dierent from any other kind of separation. Unless you talk to another widow, no
one really understands you. Its kind of crippling. When you get a divorce, your family
is no longer a family. But you move on. You know youll still see that man, the father
of your kids, the guy you once loved; but when youre widowed, hes just gone. When
youre divorced, you can be angry, call him names, throw things around. But when
hes dead, whos to be angry at?
Moving on can be fraught with obstacles. Some women simply cannot be alone and
are so afraid of the stigma of being single that they are willing to settle for men who

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08/10/2015 14:43

The world of the widow: grappling with loneliness and misun...

http://www.theguardian.com/lifeandstyle/2015/oct/05/widow...

are not loving, validating, or solvent. These guys have some kind of sixth sense, Bea
says. They see how youre hurting, where youre vulnerable. They can set their
talons by making a woman feel loved, wanted, and then, when shes too far in to
easily extricate herself, they pounce.
Others feel like theyre done with relationships. I dont feel like I want to move on to
another man, says Benilda. Im done with that. Maybe because I feel too old? Maybe
I carry too much guilt? Or maybe because I just cant nd a way to le my feelings
away.
Franoise had a dierent experience. When I started dating, she condes, I met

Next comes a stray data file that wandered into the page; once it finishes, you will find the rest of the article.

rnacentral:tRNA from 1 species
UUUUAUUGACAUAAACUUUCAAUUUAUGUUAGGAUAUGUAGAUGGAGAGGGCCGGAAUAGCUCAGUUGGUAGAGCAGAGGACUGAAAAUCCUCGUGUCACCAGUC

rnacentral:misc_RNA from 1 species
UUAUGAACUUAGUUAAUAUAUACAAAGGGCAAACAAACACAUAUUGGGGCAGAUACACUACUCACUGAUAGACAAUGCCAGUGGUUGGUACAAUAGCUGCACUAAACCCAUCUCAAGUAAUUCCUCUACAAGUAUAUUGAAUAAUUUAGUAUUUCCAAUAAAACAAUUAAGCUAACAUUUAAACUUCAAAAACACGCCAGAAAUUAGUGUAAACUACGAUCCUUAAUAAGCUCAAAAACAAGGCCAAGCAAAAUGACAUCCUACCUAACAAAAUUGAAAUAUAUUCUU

women online mostly, and I slept with more than Id like to admit, like I was telling
Deb, See? Im a mess without you. You have to come back.
As happens annually, some 800,000 women will lose their spouses this year. They
will be cast out into an unkind, unfriendly world of creditors, misunderstanding
friends, overbearing relatives. In some countries, widows are forced to marry
husbands relatives or to live out their lives in seclusion. At least in this country, there
is hope for rejuvenation.
Every woman, suggests Franoise, should discuss death and dying with her mate,
before anyone is dying ... It ensures that when the time comes, both are able to be
fully dedicated to each other and to the moment rather than torn by uncertainty.
Having a living will, even if it is impossible to anticipate everything, is important, and
I would recommend having a proxy, someone you trust to help with medical
decisions.
Bea Schwartz nods vigorously. The conversation about death is a gift each member
of the marriage makes to the other. People should give that to one another.